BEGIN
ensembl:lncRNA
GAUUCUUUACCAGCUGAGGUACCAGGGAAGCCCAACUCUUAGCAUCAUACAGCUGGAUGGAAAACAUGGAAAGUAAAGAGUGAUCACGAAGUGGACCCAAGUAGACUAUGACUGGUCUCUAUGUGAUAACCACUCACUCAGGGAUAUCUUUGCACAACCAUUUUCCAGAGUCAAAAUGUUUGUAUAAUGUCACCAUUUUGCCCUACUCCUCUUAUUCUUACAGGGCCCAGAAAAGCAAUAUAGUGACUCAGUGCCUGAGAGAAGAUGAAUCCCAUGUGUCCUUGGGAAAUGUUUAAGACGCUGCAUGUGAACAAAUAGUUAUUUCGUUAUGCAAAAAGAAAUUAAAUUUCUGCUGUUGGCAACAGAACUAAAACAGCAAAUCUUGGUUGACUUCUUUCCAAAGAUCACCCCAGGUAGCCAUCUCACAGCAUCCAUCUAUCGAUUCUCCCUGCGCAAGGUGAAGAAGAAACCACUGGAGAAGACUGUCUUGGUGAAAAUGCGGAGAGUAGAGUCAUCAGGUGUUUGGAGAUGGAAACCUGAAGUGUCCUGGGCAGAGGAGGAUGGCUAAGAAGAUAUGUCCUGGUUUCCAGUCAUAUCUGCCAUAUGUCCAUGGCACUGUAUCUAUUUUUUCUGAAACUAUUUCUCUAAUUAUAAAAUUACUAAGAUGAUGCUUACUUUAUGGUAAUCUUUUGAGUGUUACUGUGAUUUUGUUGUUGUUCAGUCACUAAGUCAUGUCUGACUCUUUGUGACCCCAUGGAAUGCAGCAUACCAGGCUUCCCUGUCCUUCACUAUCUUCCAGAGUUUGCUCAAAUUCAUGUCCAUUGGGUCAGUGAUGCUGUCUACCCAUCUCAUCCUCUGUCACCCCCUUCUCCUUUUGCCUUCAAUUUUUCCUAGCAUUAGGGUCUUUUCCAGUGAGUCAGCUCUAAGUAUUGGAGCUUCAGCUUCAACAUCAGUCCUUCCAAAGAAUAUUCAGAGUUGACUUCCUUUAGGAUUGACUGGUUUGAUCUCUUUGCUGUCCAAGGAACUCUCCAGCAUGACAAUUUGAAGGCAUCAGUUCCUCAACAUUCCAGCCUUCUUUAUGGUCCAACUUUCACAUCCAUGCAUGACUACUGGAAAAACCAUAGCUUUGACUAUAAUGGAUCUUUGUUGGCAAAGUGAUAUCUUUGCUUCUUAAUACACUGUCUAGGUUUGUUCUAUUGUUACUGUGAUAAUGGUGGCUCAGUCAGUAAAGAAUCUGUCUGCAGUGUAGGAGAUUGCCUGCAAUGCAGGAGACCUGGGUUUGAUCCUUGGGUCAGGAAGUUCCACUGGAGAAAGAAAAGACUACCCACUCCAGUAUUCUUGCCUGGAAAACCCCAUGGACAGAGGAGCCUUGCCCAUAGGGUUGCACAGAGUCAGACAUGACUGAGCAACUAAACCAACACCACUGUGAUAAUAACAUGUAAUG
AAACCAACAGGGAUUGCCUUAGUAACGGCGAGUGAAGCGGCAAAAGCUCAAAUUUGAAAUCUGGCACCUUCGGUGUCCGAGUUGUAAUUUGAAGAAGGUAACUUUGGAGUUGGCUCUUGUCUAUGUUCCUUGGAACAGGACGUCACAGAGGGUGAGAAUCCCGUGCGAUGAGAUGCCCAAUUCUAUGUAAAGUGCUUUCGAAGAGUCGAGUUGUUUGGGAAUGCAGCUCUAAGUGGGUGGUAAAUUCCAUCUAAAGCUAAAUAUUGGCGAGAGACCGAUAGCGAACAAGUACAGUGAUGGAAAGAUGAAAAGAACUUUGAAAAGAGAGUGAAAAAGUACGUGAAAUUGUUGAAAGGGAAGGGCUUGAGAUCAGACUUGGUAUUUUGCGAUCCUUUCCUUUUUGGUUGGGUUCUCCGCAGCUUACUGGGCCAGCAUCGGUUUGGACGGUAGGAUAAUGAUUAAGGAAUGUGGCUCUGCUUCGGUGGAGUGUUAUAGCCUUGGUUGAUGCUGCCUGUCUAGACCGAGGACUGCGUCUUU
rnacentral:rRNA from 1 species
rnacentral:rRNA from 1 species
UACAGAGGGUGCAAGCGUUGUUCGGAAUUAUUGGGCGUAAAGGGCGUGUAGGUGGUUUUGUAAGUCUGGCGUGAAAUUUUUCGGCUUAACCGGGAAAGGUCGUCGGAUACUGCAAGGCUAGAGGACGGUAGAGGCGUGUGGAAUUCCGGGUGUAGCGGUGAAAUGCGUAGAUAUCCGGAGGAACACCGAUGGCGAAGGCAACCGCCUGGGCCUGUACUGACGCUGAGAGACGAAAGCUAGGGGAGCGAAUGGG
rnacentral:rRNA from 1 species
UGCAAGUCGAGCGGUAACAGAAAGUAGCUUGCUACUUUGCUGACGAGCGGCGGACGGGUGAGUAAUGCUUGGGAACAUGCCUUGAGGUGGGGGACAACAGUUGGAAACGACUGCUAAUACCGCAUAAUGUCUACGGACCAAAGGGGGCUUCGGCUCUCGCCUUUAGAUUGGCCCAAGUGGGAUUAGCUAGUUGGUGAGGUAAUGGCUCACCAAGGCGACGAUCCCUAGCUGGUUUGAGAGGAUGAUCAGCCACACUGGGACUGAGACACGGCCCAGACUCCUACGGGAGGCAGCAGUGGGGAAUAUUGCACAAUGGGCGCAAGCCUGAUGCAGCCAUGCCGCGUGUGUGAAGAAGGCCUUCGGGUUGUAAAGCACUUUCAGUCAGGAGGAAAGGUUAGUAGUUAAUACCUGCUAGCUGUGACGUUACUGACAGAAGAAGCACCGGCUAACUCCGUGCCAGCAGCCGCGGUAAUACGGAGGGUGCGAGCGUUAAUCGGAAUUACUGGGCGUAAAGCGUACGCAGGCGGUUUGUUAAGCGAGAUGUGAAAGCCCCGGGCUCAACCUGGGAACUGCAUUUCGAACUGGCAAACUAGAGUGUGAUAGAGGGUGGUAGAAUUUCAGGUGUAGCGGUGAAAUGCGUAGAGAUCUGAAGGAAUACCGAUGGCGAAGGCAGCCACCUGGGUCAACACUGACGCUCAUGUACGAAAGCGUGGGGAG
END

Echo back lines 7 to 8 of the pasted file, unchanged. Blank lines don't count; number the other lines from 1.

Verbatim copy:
rnacentral:rRNA from 1 species
UGCAAGUCGAGCGGUAACAGAAAGUAGCUUGCUACUUUGCUGACGAGCGGCGGACGGGUGAGUAAUGCUUGGGAACAUGCCUUGAGGUGGGGGACAACAGUUGGAAACGACUGCUAAUACCGCAUAAUGUCUACGGACCAAAGGGGGCUUCGGCUCUCGCCUUUAGAUUGGCCCAAGUGGGAUUAGCUAGUUGGUGAGGUAAUGGCUCACCAAGGCGACGAUCCCUAGCUGGUUUGAGAGGAUGAUCAGCCACACUGGGACUGAGACACGGCCCAGACUCCUACGGGAGGCAGCAGUGGGGAAUAUUGCACAAUGGGCGCAAGCCUGAUGCAGCCAUGCCGCGUGUGUGAAGAAGGCCUUCGGGUUGUAAAGCACUUUCAGUCAGGAGGAAAGGUUAGUAGUUAAUACCUGCUAGCUGUGACGUUACUGACAGAAGAAGCACCGGCUAACUCCGUGCCAGCAGCCGCGGUAAUACGGAGGGUGCGAGCGUUAAUCGGAAUUACUGGGCGUAAAGCGUACGCAGGCGGUUUGUUAAGCGAGAUGUGAAAGCCCCGGGCUCAACCUGGGAACUGCAUUUCGAACUGGCAAACUAGAGUGUGAUAGAGGGUGGUAGAAUUUCAGGUGUAGCGGUGAAAUGCGUAGAGAUCUGAAGGAAUACCGAUGGCGAAGGCAGCCACCUGGGUCAACACUGACGCUCAUGUACGAAAGCGUGGGGAG